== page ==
The RAAK office is less than 2 miles from the Olympic stadium, and our Adriaan saw the opening ceremony dress rehearsal on Monday. However, in line with Danny Boyle’s entreaties to #savethesurprise, we are not going to tell you anything – we’re keeping stum.
Social sites generating more revenue, driven by ads
Gartner has just released a report which claims that social networks will rake in $16.9 billion dollars this year, with the bulk $8.8bn coming from advertising. That’s not bad. But do keep in mind that Apple, who just announced a ‘disappointing’ quarter, made $35 billion. Facebook exceeded – just – the predictions for its quarter, making $1.18 billion, of which ad revenue was nearly a billion. Google, however, made over $12 billion this quarter, underlining that the social pure play companies are not in the big leagues. Twitter is expected to make just over $500 million, but only by 2014.
Social Media to add $1.3 Trillion to economy
According to McKinsey, improved communication and collaboration from social media will add an immense amount of economic value to the global economy. How does this chime with recent evidence that the US’s productivity growth has slowed down since the 1970′s, or that because we do things increasingly ourselves, these technolgies are moving our paid for work from the producer side of the ledger to the consumer side – for free? Could it be that social media makes us more social, but not much richer, and is that a bad thing?
Foursquare throws its hat into the ad ring
On the theme of ads and money: Foursquare has just announced promoted updates, an advertising product that allows local and national businesses to push out specials, news and pictures to Foursquare’s more than 20 million users. How will it work? When users fire up the Explore tab on their Foursquare mobile app, they will now see promoted updates from nearby businesses, but only if you or your Foursquare friends have interacted with similar businesses.
“Et tu Twitter?”, as it stabs Instagram in the back
In line with Twitter’s increasingly assertive control over its erstwhile open API, it banned Instagram from using Twitter’s API to show you your Twitter friends who are also on Instagram. Is it a once off defensive measure (many services like Foursquare has the same feature) because Instagram is now owned by arch rival Facebook? Would Twitter not like Facebook to mine its user connections, or is it because Twitter is increasingly seeing itself as a media destination? Or both? By the way, this is exactly what Facebook did to Twitter, two years ago.
Twitter kills the TV star?
That Twitter is seriously moving into media territory was underlined this week with news that it is working with Hollywood producers on the release of a video series, and that talk about advertising is advanced. This sits neatly with another report that web & digital based video advertising has broken a new record.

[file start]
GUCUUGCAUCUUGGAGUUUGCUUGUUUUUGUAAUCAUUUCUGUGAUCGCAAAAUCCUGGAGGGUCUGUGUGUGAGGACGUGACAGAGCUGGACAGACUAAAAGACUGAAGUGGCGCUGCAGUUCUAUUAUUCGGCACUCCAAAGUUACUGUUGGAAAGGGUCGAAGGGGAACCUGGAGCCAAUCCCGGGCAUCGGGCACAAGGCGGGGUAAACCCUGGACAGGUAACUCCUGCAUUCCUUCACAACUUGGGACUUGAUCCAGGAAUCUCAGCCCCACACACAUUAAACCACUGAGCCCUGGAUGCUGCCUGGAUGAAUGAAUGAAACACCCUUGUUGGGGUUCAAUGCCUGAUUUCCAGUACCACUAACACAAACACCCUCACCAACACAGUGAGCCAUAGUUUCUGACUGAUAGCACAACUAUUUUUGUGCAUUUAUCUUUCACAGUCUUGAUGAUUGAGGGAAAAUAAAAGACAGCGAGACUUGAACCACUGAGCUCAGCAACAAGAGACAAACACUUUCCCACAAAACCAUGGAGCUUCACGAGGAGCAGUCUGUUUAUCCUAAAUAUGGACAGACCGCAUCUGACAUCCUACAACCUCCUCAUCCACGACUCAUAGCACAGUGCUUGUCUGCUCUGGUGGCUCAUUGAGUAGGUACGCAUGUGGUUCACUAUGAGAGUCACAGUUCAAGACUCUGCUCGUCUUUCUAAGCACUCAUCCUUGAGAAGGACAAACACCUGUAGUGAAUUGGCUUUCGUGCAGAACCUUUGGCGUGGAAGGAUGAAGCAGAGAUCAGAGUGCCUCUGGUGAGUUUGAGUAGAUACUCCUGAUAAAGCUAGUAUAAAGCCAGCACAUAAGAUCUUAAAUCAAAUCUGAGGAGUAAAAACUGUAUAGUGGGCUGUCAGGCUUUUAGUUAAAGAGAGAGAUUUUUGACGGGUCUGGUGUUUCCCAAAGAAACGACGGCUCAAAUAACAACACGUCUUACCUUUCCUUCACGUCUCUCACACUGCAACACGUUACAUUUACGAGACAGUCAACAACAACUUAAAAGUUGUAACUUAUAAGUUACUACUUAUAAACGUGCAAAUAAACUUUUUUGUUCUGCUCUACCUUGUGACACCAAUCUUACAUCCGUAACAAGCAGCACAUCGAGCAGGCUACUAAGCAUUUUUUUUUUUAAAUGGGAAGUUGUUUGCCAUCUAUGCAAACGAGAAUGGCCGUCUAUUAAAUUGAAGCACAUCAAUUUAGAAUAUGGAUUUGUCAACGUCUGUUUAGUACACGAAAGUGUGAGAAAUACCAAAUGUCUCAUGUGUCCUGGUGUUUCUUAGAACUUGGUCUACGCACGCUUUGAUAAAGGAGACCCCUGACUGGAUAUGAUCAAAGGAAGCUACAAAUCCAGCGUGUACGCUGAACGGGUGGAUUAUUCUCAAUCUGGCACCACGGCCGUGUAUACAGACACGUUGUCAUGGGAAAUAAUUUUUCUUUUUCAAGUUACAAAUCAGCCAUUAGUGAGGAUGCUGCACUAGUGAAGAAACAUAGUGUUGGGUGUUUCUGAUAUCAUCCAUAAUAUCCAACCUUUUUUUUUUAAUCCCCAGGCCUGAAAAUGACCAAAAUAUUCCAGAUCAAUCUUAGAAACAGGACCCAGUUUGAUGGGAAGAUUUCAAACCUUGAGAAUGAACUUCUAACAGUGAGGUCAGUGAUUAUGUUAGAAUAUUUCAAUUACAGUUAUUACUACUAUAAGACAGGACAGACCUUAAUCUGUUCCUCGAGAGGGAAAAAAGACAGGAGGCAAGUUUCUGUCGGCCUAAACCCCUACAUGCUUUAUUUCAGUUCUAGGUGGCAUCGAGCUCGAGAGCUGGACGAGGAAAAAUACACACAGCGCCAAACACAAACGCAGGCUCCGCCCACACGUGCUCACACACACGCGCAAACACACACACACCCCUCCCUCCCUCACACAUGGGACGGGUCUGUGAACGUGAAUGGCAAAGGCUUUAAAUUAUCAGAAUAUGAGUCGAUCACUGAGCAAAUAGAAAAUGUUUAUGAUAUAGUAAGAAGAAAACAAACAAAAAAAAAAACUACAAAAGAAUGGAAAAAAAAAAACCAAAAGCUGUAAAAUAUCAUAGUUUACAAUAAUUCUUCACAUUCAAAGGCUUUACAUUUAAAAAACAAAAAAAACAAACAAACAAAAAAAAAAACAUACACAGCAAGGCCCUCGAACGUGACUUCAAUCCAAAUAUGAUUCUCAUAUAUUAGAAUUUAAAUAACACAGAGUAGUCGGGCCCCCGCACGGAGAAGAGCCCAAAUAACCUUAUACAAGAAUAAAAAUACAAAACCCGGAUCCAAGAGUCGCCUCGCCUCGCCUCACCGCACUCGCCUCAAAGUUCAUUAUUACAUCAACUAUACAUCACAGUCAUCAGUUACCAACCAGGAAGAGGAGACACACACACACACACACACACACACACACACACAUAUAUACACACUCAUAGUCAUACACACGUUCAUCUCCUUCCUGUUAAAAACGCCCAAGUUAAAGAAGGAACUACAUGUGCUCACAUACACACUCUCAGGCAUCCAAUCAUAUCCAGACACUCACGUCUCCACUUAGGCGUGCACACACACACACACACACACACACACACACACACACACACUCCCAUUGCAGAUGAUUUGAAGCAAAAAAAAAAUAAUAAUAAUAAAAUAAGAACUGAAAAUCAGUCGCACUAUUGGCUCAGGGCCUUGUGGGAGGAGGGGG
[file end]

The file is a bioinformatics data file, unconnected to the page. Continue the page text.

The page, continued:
Celebs are doing it for themselves
No wonder Twitter is getting ideas. Celebrities’ use of social media and in particular Twitter is reshaping the entertainment industry. Not only do celeb tweets become potential news stories (and we’ve built an early warning system for the Mirror Group that monitors Celebs on Instagram), many celebrities are also taking more control of how they connect with their fans. Jessica Alba sharing news of her pregnancy on Facebook first gives her fans an exclusive insight that short-circuits the traditional PR and media hierarchies. When Beyonce and Jay-Z release their baby pics on Tumblr, asking people to ‘share in their joy’, they make Hello! magazine exclusives look hopelessly old-fashioned.
Facebook makes page management easier
Now scheduling posts are possible from within Facebook, something which previously required use of third-party applications. Meh. Furthermore, to support more advanced marketing segmentation, the feature unpublished page posts now allows you to send sponsored Page posts that don’t show up on your Page, but in users’ news feeds, if they match the marketing campaign’s requirements. You guessed it – this featured is paid for. It’s an ad, after all.
Creative of the week – Philippe-Antoine Lehoux
Imagine, you’re not a big fan of RAAK. We know, it’s hard, but imagine. You can rant about us on Twitter, but thanks to FontBomb, a cheeky little app from Philippe-Antoine Lehoux, you can now also blow up our website. That’s all there’s to it. But it’s well built and good fun. So now go and blow up a site you really don’t like.
Posted by Wessel van Rensburg